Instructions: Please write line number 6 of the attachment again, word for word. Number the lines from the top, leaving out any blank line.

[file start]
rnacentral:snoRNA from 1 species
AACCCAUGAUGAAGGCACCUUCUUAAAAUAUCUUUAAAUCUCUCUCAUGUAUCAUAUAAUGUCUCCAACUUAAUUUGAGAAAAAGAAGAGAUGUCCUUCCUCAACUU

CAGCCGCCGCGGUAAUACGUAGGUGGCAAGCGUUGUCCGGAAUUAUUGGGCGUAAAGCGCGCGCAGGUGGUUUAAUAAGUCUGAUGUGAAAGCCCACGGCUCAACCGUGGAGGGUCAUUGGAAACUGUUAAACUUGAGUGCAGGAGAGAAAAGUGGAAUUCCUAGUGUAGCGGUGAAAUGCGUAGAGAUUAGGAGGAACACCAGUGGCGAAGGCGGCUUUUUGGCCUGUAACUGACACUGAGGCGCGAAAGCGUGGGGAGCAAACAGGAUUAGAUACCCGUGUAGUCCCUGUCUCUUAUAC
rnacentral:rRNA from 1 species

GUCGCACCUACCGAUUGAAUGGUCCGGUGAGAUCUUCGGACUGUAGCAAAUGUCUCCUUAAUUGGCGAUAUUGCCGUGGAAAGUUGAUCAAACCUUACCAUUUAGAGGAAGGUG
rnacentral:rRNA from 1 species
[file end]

rnacentral:rRNA from 1 species